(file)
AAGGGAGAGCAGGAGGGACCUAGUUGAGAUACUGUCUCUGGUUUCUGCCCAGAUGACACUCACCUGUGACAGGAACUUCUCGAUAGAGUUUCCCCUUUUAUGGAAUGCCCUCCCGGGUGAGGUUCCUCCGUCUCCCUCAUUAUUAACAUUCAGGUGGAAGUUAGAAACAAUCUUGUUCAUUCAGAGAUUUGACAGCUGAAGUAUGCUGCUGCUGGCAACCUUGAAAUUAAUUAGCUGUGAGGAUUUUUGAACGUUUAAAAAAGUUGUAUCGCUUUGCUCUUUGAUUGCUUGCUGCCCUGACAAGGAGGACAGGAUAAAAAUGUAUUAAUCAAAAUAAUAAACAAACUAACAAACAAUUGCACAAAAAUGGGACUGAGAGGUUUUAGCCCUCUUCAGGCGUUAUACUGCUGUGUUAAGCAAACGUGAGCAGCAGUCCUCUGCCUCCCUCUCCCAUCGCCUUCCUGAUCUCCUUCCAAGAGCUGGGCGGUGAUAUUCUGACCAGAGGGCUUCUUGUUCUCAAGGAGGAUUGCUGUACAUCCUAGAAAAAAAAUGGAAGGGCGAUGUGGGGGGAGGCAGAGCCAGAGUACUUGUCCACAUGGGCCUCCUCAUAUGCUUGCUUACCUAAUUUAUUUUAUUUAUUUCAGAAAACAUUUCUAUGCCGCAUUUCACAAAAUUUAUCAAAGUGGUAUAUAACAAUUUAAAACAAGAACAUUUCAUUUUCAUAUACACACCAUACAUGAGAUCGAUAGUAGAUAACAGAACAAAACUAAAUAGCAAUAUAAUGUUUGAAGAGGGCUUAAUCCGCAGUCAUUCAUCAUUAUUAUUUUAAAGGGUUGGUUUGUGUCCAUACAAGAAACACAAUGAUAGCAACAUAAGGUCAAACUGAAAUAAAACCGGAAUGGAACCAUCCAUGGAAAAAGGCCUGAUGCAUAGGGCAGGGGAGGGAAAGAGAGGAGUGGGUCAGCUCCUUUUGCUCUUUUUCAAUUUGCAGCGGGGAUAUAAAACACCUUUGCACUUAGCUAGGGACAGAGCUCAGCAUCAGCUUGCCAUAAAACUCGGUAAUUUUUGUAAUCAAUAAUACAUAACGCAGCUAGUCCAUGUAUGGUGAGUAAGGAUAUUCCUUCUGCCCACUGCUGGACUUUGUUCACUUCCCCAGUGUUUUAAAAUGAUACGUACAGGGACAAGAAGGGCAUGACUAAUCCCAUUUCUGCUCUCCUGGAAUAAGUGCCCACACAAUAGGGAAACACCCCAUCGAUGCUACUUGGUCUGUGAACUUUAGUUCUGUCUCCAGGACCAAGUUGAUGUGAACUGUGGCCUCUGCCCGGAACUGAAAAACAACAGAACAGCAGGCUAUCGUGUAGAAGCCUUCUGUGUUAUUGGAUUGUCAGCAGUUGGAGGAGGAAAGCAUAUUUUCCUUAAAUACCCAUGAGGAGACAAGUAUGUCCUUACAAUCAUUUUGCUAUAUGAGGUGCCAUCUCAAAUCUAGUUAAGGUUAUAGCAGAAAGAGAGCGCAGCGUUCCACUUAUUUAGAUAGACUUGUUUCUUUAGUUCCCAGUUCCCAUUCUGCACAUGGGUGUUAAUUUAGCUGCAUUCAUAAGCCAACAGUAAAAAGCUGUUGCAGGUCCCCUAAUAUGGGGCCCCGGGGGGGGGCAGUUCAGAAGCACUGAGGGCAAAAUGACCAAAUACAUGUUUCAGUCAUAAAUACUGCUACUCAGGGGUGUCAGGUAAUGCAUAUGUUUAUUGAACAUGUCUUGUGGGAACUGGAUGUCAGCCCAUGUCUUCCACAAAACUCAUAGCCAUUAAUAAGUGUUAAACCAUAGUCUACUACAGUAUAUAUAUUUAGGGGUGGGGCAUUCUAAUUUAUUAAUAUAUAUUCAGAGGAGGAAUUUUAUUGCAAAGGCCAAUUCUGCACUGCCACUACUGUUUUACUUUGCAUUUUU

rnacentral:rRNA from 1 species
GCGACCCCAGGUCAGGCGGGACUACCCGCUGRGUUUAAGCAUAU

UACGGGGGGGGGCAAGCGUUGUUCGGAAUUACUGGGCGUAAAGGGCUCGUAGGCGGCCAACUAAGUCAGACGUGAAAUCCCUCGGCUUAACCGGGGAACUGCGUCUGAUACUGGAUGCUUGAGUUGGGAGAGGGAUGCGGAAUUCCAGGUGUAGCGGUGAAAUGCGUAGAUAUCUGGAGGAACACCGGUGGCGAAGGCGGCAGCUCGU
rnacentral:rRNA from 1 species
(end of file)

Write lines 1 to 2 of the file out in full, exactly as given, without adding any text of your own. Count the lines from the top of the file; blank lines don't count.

AAGGGAGAGCAGGAGGGACCUAGUUGAGAUACUGUCUCUGGUUUCUGCCCAGAUGACACUCACCUGUGACAGGAACUUCUCGAUAGAGUUUCCCCUUUUAUGGAAUGCCCUCCCGGGUGAGGUUCCUCCGUCUCCCUCAUUAUUAACAUUCAGGUGGAAGUUAGAAACAAUCUUGUUCAUUCAGAGAUUUGACAGCUGAAGUAUGCUGCUGCUGGCAACCUUGAAAUUAAUUAGCUGUGAGGAUUUUUGAACGUUUAAAAAAGUUGUAUCGCUUUGCUCUUUGAUUGCUUGCUGCCCUGACAAGGAGGACAGGAUAAAAAUGUAUUAAUCAAAAUAAUAAACAAACUAACAAACAAUUGCACAAAAAUGGGACUGAGAGGUUUUAGCCCUCUUCAGGCGUUAUACUGCUGUGUUAAGCAAACGUGAGCAGCAGUCCUCUGCCUCCCUCUCCCAUCGCCUUCCUGAUCUCCUUCCAAGAGCUGGGCGGUGAUAUUCUGACCAGAGGGCUUCUUGUUCUCAAGGAGGAUUGCUGUACAUCCUAGAAAAAAAAUGGAAGGGCGAUGUGGGGGGAGGCAGAGCCAGAGUACUUGUCCACAUGGGCCUCCUCAUAUGCUUGCUUACCUAAUUUAUUUUAUUUAUUUCAGAAAACAUUUCUAUGCCGCAUUUCACAAAAUUUAUCAAAGUGGUAUAUAACAAUUUAAAACAAGAACAUUUCAUUUUCAUAUACACACCAUACAUGAGAUCGAUAGUAGAUAACAGAACAAAACUAAAUAGCAAUAUAAUGUUUGAAGAGGGCUUAAUCCGCAGUCAUUCAUCAUUAUUAUUUUAAAGGGUUGGUUUGUGUCCAUACAAGAAACACAAUGAUAGCAACAUAAGGUCAAACUGAAAUAAAACCGGAAUGGAACCAUCCAUGGAAAAAGGCCUGAUGCAUAGGGCAGGGGAGGGAAAGAGAGGAGUGGGUCAGCUCCUUUUGCUCUUUUUCAAUUUGCAGCGGGGAUAUAAAACACCUUUGCACUUAGCUAGGGACAGAGCUCAGCAUCAGCUUGCCAUAAAACUCGGUAAUUUUUGUAAUCAAUAAUACAUAACGCAGCUAGUCCAUGUAUGGUGAGUAAGGAUAUUCCUUCUGCCCACUGCUGGACUUUGUUCACUUCCCCAGUGUUUUAAAAUGAUACGUACAGGGACAAGAAGGGCAUGACUAAUCCCAUUUCUGCUCUCCUGGAAUAAGUGCCCACACAAUAGGGAAACACCCCAUCGAUGCUACUUGGUCUGUGAACUUUAGUUCUGUCUCCAGGACCAAGUUGAUGUGAACUGUGGCCUCUGCCCGGAACUGAAAAACAACAGAACAGCAGGCUAUCGUGUAGAAGCCUUCUGUGUUAUUGGAUUGUCAGCAGUUGGAGGAGGAAAGCAUAUUUUCCUUAAAUACCCAUGAGGAGACAAGUAUGUCCUUACAAUCAUUUUGCUAUAUGAGGUGCCAUCUCAAAUCUAGUUAAGGUUAUAGCAGAAAGAGAGCGCAGCGUUCCACUUAUUUAGAUAGACUUGUUUCUUUAGUUCCCAGUUCCCAUUCUGCACAUGGGUGUUAAUUUAGCUGCAUUCAUAAGCCAACAGUAAAAAGCUGUUGCAGGUCCCCUAAUAUGGGGCCCCGGGGGGGGGCAGUUCAGAAGCACUGAGGGCAAAAUGACCAAAUACAUGUUUCAGUCAUAAAUACUGCUACUCAGGGGUGUCAGGUAAUGCAUAUGUUUAUUGAACAUGUCUUGUGGGAACUGGAUGUCAGCCCAUGUCUUCCACAAAACUCAUAGCCAUUAAUAAGUGUUAAACCAUAGUCUACUACAGUAUAUAUAUUUAGGGGUGGGGCAUUCUAAUUUAUUAAUAUAUAUUCAGAGGAGGAAUUUUAUUGCAAAGGCCAAUUCUGCACUGCCACUACUGUUUUACUUUGCAUUUUU

rnacentral:rRNA from 1 species